The first governor to live in the new mansion, Daniel G. Fowle, had a butler and a cook — meager help to manage five acres and a 34,000-square-foot home. In 1909, the Legislature put an additional $750 in the budget for workers at the mansion. By 1911, inmates returned to the mansion as domestic help, cleaning, gardening, and cooking.
The work program solves two problems. It staffs the Executive Mansion without draining the state budget. And it teaches prisoners skills that help them obtain jobs when they return to society.
“You don’t have to be a psychiatrist or a sociologist to understand that if these men get a skill and have a job here, they’ll have a better chance of making it on the other side,” Adams says.
Gov. Bev Perdue and her staff cherish the prisoner work program. She knows each of her workers by name and greets them in the yard and kitchen when she passes through.
Perdue says the program ought to serve the inmates who serve her, giving them something tangible that may translate to a better life.
In 2010, Governor Perdue and prison officials partnered with the Department of Labor to make each job at the mansion an apprenticeship of sorts. Coupled with classroom training offered by Wake Technical Community College, the program allows each inmate to earn some type of certification or journeyman’s card.
One of Adams’s former workers now manages a landscaping crew in Texas. Others are top picks for state-property grounds crews.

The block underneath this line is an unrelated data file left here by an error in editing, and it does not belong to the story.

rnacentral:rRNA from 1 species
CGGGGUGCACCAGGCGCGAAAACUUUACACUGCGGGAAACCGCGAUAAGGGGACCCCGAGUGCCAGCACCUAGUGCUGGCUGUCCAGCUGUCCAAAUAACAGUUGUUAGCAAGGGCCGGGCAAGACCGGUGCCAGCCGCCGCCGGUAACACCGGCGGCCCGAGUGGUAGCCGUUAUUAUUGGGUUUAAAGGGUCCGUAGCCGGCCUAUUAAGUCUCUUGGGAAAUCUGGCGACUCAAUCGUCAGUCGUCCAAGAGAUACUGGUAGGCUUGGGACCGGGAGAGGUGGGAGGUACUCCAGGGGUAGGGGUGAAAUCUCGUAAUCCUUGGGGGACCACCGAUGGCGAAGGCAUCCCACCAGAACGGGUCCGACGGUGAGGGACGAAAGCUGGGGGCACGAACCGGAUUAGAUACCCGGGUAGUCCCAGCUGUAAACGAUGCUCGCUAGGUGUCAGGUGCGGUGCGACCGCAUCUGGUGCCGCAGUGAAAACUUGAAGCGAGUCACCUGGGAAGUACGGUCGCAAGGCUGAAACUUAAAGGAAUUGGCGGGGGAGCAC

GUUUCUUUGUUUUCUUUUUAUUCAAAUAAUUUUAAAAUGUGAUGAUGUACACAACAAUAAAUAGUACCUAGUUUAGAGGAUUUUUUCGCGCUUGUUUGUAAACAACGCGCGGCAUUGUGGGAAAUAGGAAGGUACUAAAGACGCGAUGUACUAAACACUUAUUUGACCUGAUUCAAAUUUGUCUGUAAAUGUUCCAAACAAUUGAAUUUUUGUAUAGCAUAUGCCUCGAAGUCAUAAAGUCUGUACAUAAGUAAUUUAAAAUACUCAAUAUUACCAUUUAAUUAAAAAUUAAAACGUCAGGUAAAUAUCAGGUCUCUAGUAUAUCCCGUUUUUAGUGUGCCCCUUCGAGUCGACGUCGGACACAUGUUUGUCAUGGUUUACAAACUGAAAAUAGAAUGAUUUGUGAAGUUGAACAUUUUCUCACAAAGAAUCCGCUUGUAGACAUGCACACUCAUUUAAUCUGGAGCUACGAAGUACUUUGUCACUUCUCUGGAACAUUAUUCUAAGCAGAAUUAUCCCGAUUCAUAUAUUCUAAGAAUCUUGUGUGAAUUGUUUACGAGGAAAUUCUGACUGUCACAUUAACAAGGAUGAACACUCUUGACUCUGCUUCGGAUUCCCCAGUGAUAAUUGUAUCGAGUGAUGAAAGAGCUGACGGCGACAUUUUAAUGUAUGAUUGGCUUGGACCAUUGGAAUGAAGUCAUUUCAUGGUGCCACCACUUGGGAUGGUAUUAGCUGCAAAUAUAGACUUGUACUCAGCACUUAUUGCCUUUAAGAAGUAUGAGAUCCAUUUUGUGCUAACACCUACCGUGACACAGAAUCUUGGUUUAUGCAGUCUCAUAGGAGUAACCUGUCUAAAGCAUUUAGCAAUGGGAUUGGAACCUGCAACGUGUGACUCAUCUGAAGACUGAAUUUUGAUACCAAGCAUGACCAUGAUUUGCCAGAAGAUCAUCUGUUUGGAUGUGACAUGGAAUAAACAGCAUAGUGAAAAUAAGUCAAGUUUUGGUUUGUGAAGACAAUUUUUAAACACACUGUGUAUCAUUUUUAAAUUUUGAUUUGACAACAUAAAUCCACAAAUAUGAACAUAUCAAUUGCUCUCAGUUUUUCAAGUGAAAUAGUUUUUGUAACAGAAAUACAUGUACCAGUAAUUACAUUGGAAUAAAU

“It’s a good feeling that maybe there is a happy ending to some sad stories,” Adams says.
A better man
When Adams selected prisoner Reggie Patterson to work with him in 2009, Patterson knew two things about grass and gardens.
As a boy, he cut grass for relatives and learned there are few things hotter than pushing a lawn mower in the Halifax County sun. But he also learned that gardens bring some sort of peace to people. His mother and grandparents seemed happiest when tending their flowers and vegetables.
Patterson never paid much attention to his family’s gardens. He fussed with the lawn mower and yanked the weeds from his mother’s vegetable garden as commanded. He rushed through those chores and always wanted to be somewhere else.
The 40-year-old Patterson now wishes he’d slowed down and spent more time in the garden with his parents and grandmother. He wonders if that patience would have led to better decisions later in life.
He knows he can’t take back his mistakes, but he tries to be a better man. In prison, he racks up certifications in HVAC, plumbing, and electrical work. He signs up for every job the prison system allows.
He couldn’t believe it when someone recommended him for the program at the Executive Mansion — that the governor would want the likes of him in her garden. He sweated as he sat at the conference table at Wake Correctional Center. Adams quizzed him about his gardening knowledge and work ethic. And Patterson assured Adams he’d work hard if given the chance.
Adams sees it every day — the healing that the garden brings to these troubled men.
Sometimes he sees them sitting by the koi pond or pulling away from the group to weed a bed in silence. He tries to make their time at the Executive Gardens as constructive as possible. He fills their days with chores. They mulch beds, water vegetables, plant young pansies, harvest honey from hives.
Adams doesn’t deliver long lectures on morality and second chances.
Instead, he teaches them all he can about the trade. He talks to them about pests and irrigation systems. They chat about this season’s tomatoes and pepper crop. Adams doesn’t talk about their pasts or guess about their futures. But they can be sure that he’s not giving up on them.
North Carolina Executive Mansion
200 North Blount Street
Raleigh, N.C. 27601
Tours offered March 7-June 7.
Children’s tours: Wednesdays, 9:30 a.m. and 10:30 a.m. Adult tours: Thursdays, 9:30 a.m. and 10:30 a.m.
Mandy Locke lives in Raleigh, where she writes for The News & Observer and teaches writing workshops.